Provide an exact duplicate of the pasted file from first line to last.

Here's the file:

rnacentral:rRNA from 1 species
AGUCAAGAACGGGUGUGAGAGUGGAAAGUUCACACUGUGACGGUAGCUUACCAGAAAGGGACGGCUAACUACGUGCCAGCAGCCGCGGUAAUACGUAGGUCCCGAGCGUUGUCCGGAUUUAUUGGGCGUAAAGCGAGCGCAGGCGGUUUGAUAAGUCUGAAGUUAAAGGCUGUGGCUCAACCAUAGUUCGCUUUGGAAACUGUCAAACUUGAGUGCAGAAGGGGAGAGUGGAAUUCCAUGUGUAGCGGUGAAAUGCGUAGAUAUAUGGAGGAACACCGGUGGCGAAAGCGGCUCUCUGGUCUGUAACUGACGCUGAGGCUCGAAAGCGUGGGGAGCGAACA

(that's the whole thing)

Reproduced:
rnacentral:rRNA from 1 species
AGUCAAGAACGGGUGUGAGAGUGGAAAGUUCACACUGUGACGGUAGCUUACCAGAAAGGGACGGCUAACUACGUGCCAGCAGCCGCGGUAAUACGUAGGUCCCGAGCGUUGUCCGGAUUUAUUGGGCGUAAAGCGAGCGCAGGCGGUUUGAUAAGUCUGAAGUUAAAGGCUGUGGCUCAACCAUAGUUCGCUUUGGAAACUGUCAAACUUGAGUGCAGAAGGGGAGAGUGGAAUUCCAUGUGUAGCGGUGAAAUGCGUAGAUAUAUGGAGGAACACCGGUGGCGAAAGCGGCUCUCUGGUCUGUAACUGACGCUGAGGCUCGAAAGCGUGGGGAGCGAACA